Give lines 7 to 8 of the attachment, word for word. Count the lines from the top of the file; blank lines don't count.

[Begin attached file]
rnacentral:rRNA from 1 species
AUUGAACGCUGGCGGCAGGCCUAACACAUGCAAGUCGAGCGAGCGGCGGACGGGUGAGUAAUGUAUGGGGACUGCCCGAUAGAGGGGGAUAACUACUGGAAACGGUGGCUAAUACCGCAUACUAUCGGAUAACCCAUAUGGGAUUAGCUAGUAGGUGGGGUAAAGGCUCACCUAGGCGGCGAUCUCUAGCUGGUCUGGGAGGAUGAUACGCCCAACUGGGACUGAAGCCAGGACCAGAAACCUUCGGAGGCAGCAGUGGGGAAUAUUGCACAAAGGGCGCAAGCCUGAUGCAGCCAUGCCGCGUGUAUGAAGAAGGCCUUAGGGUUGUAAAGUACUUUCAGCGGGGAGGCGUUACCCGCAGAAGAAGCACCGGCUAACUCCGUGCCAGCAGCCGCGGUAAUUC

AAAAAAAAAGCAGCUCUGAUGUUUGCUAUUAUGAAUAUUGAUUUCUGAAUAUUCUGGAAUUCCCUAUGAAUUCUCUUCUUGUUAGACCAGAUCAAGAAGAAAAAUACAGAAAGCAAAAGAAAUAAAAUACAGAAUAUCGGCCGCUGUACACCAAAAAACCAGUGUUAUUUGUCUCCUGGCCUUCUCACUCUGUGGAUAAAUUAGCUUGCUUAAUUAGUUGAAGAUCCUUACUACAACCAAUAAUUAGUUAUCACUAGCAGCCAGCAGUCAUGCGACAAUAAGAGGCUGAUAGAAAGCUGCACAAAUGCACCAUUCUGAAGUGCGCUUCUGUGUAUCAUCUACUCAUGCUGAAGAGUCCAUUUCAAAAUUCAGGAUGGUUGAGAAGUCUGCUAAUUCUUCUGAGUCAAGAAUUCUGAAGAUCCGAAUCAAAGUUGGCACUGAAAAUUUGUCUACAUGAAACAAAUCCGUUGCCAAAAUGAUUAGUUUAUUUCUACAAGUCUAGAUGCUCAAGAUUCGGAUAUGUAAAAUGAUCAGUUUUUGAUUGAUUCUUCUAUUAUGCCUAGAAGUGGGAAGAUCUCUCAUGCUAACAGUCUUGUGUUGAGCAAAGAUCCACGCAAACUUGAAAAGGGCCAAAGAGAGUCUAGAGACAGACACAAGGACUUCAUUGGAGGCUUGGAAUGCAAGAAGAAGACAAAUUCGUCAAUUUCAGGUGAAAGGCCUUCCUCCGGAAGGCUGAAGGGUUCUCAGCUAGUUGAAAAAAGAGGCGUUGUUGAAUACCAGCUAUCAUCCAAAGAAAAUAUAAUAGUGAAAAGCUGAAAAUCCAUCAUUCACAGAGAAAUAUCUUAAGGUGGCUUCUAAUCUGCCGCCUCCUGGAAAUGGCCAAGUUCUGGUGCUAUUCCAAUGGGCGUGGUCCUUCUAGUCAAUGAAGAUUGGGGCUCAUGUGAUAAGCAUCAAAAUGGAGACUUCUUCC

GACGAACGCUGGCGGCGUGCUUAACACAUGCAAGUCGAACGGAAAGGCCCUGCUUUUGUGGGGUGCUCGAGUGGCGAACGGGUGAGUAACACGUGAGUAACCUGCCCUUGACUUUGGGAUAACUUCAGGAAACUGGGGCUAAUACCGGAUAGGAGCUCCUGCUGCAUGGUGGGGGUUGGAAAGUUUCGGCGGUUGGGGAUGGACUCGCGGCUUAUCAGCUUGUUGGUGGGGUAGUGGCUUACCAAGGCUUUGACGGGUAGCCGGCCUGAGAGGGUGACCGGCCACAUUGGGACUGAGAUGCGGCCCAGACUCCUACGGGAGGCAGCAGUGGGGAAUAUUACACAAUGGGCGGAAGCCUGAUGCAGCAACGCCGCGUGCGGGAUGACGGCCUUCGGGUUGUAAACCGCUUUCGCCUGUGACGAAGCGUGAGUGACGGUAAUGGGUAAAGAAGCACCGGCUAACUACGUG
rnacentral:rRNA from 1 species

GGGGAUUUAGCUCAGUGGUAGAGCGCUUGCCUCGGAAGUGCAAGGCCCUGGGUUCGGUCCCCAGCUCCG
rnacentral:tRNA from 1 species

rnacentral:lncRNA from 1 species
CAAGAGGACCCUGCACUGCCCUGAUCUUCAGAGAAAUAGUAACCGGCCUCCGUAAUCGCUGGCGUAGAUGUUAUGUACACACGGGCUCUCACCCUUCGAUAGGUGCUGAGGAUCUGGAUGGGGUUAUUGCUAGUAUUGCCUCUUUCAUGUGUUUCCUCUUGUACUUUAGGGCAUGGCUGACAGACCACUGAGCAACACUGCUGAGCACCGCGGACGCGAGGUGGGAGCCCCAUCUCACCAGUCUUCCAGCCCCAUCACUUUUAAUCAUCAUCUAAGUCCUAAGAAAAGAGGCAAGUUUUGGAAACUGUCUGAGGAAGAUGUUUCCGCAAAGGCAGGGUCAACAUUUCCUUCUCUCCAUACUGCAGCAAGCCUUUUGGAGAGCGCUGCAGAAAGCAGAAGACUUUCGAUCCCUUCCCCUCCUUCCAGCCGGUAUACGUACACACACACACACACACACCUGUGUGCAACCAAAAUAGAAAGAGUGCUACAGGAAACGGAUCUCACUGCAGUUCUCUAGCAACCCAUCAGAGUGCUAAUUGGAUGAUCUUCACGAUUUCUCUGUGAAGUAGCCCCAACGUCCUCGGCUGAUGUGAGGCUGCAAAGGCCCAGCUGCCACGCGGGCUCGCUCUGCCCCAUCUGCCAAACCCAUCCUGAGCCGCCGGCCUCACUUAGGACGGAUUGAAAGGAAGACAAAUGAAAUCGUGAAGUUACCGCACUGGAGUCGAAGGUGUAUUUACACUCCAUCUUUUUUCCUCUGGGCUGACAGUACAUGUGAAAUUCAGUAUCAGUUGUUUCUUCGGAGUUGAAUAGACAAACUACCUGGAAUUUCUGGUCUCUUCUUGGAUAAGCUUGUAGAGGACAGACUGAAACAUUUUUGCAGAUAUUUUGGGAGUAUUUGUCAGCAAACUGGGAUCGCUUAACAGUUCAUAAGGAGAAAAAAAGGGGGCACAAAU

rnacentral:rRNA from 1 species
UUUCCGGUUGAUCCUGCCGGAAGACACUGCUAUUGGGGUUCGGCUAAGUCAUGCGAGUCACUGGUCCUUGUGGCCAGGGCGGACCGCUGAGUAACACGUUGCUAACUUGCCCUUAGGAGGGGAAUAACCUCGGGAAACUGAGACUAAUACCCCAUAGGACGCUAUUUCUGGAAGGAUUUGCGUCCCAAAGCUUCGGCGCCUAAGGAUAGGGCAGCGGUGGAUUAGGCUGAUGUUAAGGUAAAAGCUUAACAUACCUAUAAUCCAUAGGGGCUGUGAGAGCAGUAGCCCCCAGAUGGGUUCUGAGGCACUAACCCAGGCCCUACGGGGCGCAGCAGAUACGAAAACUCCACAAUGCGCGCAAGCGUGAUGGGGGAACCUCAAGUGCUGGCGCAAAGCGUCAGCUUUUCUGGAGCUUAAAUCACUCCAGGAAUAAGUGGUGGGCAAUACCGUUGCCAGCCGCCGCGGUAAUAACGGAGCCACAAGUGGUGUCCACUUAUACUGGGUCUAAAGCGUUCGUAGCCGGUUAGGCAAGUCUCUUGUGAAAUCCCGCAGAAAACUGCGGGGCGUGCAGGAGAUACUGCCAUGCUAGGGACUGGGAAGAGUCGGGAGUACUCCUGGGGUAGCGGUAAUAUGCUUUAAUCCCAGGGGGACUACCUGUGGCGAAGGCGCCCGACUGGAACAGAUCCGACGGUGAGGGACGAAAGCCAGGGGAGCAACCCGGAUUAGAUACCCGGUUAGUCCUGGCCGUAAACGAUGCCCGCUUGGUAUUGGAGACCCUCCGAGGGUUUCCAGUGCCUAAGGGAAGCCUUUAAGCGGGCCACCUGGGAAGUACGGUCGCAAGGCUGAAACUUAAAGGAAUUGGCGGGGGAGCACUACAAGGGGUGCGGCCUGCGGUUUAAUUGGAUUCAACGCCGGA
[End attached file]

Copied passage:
rnacentral:tRNA from 1 species

rnacentral:lncRNA from 1 species